A First Look at WebAssembly - Gainer That Will Turn Browsers Into Power Lifters
Evolution never stops. All things come into the world, grow and fade away in the end, letting other things take their place - that's the circle of life. Being a part of life, web browsers can't escape the same fate. It's time for them to grow and evolve.
Today we'll look at WebAssembly. It's a pretty interesting technology that can take web browsers to a new level. All of us get used to existing browser functions: texting, sending audio and video messages, music, videos, uploading and downloading files. But hey, how long we've been able to do this? 10 years? Maybe 15 years? That's pretty long period. We're living in the world of virtual reality, artificial intelligence, robots, flying skateboards and exo-suits. Browsers should fit this high-tech world!
WebAssembly tries to do that. Here's a short list of its features:
- Browsers upgrade: performance optimization and implementation of advanced technologies like 4k-graphics or desktop applications online. Let's have a detailed conversation about it with Michael Tsypkin, front end developer at Anadea.
Could you brief me what is WebAssembly?
And does WASM fix it?
It seems like WASM has a really bright future!
Does it work the same way as Java Virtual Machine?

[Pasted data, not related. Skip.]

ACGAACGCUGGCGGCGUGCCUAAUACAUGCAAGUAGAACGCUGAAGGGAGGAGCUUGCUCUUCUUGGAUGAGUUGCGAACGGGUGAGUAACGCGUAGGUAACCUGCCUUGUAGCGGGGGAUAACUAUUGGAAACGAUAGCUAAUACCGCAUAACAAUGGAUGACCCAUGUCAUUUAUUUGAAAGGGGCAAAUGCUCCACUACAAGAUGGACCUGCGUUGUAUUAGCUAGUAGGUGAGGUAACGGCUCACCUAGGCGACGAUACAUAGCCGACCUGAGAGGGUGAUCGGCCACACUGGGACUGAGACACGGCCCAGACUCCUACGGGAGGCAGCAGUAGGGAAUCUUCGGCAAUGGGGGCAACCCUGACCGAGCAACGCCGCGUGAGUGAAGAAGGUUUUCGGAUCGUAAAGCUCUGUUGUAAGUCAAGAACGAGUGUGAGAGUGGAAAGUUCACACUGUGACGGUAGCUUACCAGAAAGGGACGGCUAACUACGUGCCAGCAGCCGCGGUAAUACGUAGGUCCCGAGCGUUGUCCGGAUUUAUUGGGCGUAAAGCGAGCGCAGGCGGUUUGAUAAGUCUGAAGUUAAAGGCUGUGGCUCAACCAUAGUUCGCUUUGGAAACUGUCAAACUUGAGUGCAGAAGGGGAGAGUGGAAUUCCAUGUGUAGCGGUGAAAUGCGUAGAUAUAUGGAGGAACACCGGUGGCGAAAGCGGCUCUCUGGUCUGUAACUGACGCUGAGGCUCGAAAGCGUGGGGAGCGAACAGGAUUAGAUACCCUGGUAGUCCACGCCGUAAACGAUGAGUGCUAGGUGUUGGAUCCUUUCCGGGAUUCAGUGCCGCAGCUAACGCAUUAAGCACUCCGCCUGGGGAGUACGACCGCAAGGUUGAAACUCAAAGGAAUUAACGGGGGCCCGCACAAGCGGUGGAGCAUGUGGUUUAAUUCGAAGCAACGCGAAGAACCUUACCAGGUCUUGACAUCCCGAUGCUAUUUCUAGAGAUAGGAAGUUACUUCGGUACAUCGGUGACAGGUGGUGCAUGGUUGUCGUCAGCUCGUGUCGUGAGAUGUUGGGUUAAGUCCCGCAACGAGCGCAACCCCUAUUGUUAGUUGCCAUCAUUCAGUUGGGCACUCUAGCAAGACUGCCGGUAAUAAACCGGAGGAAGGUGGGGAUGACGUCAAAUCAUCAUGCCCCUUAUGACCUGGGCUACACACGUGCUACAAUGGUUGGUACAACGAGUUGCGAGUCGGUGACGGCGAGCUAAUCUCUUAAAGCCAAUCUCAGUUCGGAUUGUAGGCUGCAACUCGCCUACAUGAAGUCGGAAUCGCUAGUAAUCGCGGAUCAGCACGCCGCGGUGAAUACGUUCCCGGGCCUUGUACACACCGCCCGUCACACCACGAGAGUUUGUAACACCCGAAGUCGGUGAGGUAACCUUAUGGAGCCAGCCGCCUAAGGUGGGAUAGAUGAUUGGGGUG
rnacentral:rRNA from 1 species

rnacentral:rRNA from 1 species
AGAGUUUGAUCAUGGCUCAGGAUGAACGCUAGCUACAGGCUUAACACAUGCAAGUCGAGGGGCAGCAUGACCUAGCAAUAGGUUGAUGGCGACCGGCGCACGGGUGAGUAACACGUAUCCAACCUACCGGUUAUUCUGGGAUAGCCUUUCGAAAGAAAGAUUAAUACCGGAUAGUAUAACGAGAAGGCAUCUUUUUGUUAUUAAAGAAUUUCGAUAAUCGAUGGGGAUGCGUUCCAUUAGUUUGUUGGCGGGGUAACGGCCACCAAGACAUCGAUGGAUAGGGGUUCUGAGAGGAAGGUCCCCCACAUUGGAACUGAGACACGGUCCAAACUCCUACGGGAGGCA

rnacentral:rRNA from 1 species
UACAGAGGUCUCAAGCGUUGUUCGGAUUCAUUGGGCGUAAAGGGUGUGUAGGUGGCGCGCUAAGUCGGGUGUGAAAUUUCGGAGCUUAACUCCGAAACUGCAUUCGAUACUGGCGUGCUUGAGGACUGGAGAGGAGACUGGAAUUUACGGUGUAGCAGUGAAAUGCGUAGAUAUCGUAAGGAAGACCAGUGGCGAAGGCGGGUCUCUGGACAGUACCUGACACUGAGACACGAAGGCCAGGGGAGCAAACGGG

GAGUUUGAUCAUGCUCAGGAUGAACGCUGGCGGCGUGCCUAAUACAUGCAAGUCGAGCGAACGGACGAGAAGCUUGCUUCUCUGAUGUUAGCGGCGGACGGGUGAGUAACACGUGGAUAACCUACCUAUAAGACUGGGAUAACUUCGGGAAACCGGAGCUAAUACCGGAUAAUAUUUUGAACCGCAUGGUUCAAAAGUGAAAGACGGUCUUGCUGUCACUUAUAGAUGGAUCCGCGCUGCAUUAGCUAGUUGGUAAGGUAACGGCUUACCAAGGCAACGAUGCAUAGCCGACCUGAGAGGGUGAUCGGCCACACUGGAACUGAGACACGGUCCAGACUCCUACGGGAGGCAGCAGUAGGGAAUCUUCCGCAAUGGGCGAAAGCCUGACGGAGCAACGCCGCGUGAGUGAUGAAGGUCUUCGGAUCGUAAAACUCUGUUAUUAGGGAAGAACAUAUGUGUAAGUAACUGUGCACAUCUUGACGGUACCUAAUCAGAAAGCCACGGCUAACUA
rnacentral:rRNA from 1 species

It is. Browser is a virtual machine itself. JVM runs multiple languages: Java, Scala, Kotlin, etc. But the thing is, Java compiles into bytecode which is later interpreted by JVM. Write once, run in JVM everywhere, on any device - just like their slogan says.
Will it be easier to write code for front end developers?
Who knows? In the nearest future it won't affect front-ender's life at all. Much later, well, I believe WASM can start a trend of creating complex applications in browser. Maybe there will be some complex browser games. Not the same level as The Witcher 3, but they will be much better than what we have now. WASM can become really useful for VR technology in browser and things like that, it will be easier to develop them. So, it will influence the level of browser applications, but it won't impact the life of guys who write classic front end single page interfaces in React or Angular.
Also, I heard an idea that WebAssembly is the second breath for ChromeOS. Because now we can run more complex applications in browser and there is no limitations for this OS.
Any business potential?
I think, there will be a trend toward adapting desktop applications in browser. Photoshop, for example. Why not? I'm talking about its basic functions, not the whole functionality. At least, that's how I see it. There's also a theory that people would be able to write back end and front end with the same language. In Java, for example. Write server part in Java and some front end scripts. I'm a bit sceptical about it, because not all languages are good for this, but theory is theory.
Thanks for your time, Michael!
As you see, WebAssembly opens many ways for upgrading browsers. Accelerating their processing and adapting popular desktop applications looks like a next-gen browsers that we deserve. It also gives developers a possibility to improve performance of their applications and allows them to develop more complex and more productive software. We'll see how things go after its release and we can't wait for it quietly, as we're too excited about it. Hope you enjoyed this first look. Keep on reading Anadea Blog for more interestiing news and information from the world of software development.